Bitcoins Part Two

Last month we covered off some of the technical details of what bitcoins are and how they’re kept secure. This month I’m going to tell you how to buy and sell bitcoins and how to make a purchase.

The first thing you’re going to need is a bitcoin wallet. Just like it sounds, this is a place to store your bitcoins. Unfortunately, you can’t just make one out of duct tape. You’ll have to download an app to your phone. For iPhone users, by far the easiest is BreadWallet. I like it because there is no central server to communicate with. All your bitcoins are on your phone. Of course if you lose your phone, it’s the same as losing your wallet – so, don’t do that – except that unlike a wallet, under some circumstances you can get your money back if you lose or destroy your phone. Read on.

I’m assuming you’ve installed BreadWallet from the app store and installed it. Starting up BreadWallet you’ll be asked if you’d like a new wallet or to recover a wallet. If you choose new wallet you’ll be asked to generate a recovery phrase. You will receive a serious warning to never let anyone know your 12 recovery words. Then it will show them to you. Write them down somewhere safe. A good place is on a piece of paper to be stored in a safe (bitcoins are money so this is not unreasonable). Or in your password manager. If ever you lose your phone you can use your recovery words to restore your bitcoins on your new phone. Cool, huh? Try and do that with the crisp $20s that were in the wallet you lost somewhere outside the Griz Bar last night.

Then you’ll be asked for a four digit passcode to use to open BreadWallet. This is to make sure that if someone needs to use your phone they can’t access your bitcoins.

Once you’ve done all that you’ll be presented with a QR Code. That’s the square code with all the squiggly pixels. That code is your receive code. When someone wants to send you bitcoins, they can scan that QR Code and send bitcoins to it. They end up in your wallet. There’s an alphanumeric string version of your receive address at the bottom that you can send if you need to send it in a text message for example.

Once you’ve gone through the help prompts you’ll see that there are two cards you can swipe between: a card showing your QR Code for your receive address; and a Scan QR Code, or “copy from clipboard,” address which you can use to send money.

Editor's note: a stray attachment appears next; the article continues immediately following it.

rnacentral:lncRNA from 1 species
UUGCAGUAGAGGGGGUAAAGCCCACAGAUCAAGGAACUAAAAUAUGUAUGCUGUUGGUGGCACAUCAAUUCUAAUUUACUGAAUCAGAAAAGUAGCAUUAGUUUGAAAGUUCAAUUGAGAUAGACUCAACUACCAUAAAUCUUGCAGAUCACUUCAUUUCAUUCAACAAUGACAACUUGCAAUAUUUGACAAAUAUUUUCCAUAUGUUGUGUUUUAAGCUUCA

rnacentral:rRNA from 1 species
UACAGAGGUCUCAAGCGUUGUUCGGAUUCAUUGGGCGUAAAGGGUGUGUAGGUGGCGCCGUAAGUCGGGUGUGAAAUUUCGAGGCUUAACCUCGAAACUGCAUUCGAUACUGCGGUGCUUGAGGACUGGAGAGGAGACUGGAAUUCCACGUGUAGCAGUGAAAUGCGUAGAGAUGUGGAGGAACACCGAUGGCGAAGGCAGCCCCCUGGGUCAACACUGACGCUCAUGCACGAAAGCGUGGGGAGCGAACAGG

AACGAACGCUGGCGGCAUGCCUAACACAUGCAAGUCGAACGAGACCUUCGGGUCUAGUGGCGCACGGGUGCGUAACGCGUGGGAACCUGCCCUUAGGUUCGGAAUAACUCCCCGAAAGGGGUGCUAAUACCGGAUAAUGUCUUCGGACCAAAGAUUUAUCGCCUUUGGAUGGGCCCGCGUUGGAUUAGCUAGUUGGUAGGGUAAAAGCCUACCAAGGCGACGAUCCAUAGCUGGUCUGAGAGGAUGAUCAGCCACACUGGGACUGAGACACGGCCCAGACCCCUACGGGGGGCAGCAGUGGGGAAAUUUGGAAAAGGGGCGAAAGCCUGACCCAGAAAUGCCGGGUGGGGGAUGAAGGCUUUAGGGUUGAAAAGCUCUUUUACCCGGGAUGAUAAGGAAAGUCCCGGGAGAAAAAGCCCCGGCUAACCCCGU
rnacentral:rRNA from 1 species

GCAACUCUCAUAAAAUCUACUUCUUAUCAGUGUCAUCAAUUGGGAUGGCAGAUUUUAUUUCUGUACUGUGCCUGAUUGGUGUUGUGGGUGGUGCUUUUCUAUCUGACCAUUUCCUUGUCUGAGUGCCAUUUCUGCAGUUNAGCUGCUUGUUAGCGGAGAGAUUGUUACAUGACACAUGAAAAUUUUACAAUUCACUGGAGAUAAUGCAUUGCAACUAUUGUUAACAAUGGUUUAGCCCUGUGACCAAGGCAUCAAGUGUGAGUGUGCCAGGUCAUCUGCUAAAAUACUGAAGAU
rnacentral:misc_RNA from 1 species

You now have a safe secure wallet and a way to send and receive bitcoins.

The easiest way to get bitcoins is from a bitcoin ATM machine. Locating one of these reminded me finding an ATM of any kind about 15 years ago. Today of course you can’t swing an empty deposit envelope without hitting three of them. Expect a similar situation with bitcoin ATMs in the next few years. For now you can use https://coinatmradar.com to find one. They’re scattered all over Calgary and the lower mainland.

Buying bitcoins at an ATM varies a bit by machine, but generally the process is 1. select “buy bitcoins,” 2. let the machine scan your receive QR Code, 3. and insert the amount of money you’d like to spend. The transaction usually takes just a few seconds. Perhaps a bit longer if you’re changing a larger amount of cash. Occasionally a transaction can take a long time. This depends on the number of transaction confirmations that the purchaser/seller requires to commit the funds. Check back to last month’s column if you need a refresher on the blockchain.

Quickbt.com is another option for purchasing bitcoins. You can buy bitcoins using Interac online. I haven’t used this method, but it appears reliable.

There are an increasing number of places online and offline that you can buy things with bitcoins. Some examples: PayPal, Microsoft, Dell, etc. A number of coffee shops have started taking it in urban centres. You use the same process as at the ATM to buy your coffee. Using your BreadWallet “send money” card, you scan their QR Code, which will include the amount of purchase, enter your pin and the funds are transferred. The whole process is very similar to using a debit machine in a restaurant, except you’re using your phone instead of your debit/credit card.

There’s a whole bunch more to talk about with bitcoins, so I suggest doing some research.  The wikipedia page is good for an overview. Bitcoin.com and bitcoin.org have some good information.

One last comment. Bitcoins are still pretty new. The technology is very solid, but buying and selling things from people with bitcoin is no different than using cash: caveat emptor.

p.s. If you have any specific questions for the Answer Guy send them to info@clarismedia.com. Chances are good that if you want to know others do too.